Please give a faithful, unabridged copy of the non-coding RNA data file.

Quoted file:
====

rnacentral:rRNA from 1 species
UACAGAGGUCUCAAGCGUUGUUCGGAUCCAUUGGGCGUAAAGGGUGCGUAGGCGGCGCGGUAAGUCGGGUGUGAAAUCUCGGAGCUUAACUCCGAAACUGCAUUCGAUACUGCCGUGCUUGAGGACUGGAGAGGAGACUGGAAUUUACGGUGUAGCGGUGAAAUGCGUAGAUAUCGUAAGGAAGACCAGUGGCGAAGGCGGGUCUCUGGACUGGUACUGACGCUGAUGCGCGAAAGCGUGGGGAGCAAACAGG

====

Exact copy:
rnacentral:rRNA from 1 species
UACAGAGGUCUCAAGCGUUGUUCGGAUCCAUUGGGCGUAAAGGGUGCGUAGGCGGCGCGGUAAGUCGGGUGUGAAAUCUCGGAGCUUAACUCCGAAACUGCAUUCGAUACUGCCGUGCUUGAGGACUGGAGAGGAGACUGGAAUUUACGGUGUAGCGGUGAAAUGCGUAGAUAUCGUAAGGAAGACCAGUGGCGAAGGCGGGUCUCUGGACUGGUACUGACGCUGAUGCGCGAAAGCGUGGGGAGCAAACAGG